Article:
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Barcelona Eyes Madrid, Markets See Only the ECB

Posted by Joseph Trevisani on Oct 23, 2017 2:25:46 PM

Catalonian separatists promised to counter Madrid's takeover of their regional government, threatening to declare independence this week and accused the central authorities of attempting a 'coup d’état'.

Spain's most dramatic political crisis in 40 years is having almost no effect on the euro, which, though it is down 2.9 percent against the dollar from its 32 month high in September has lost barely 0.5 percent since the October 1st independence referendum. 

Spanish Prime Minister Mariano Rajoy is trying to squelch the independence drive by invoking a never used article of the constitution to remove the regional administration of Carles Puigdemont. Spain's chief prosecutor said that if Catalonia declares independence Puigdemont could face as much as 30 years in jail and immediate arrest. 

Currency markets seem to be assuming that the political fireworks in Spain are more rhetorical smoke than fire and that the dispute will end in negotiation and accommodation.  

The ECB is meeting this Thursday and the likely reduction of its asset purchase program signaling the end of three years of bond buying, negative interest rate and cheap loans and victory over deflation in the euro zone is propping up a currency that is, or should be beset with political woes.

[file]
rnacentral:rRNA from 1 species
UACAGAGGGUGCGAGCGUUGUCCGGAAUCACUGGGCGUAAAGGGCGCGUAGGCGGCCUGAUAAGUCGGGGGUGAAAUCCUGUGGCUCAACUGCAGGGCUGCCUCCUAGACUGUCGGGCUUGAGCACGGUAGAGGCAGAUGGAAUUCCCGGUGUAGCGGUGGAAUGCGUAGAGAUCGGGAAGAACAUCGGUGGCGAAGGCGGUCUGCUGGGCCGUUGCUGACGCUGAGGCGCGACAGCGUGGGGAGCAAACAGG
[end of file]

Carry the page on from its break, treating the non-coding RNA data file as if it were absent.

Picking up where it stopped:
In addition to the secession of Catalonian political troubles abound in the euro zone. In Germany, Angela Merkel's party won with the smallest vote total in 5o years with the newly formed Alternative for Germany jumping to 13 percent largely on its opposition to Ms Merkel's immigration policies. 

 The Czech Republic elected euro-skeptic Andrej Babis who says the country should not join the euro and must have control over its immigration policies.

Austria's new presumed center right president elect 31-year Sebastian Kurz, will join fellow conservative leaders in Poland, Hungary and Slovakia in challenging EU immigration and economic policies.  

If the change in ECB policies is dominating the foreground in the European market landscape the real threat lies just over the next political hill

Joseph Trevisani

Chief Market Strategist

WorldWideMarkets Online Trading

Charts: Thomson/Reuters

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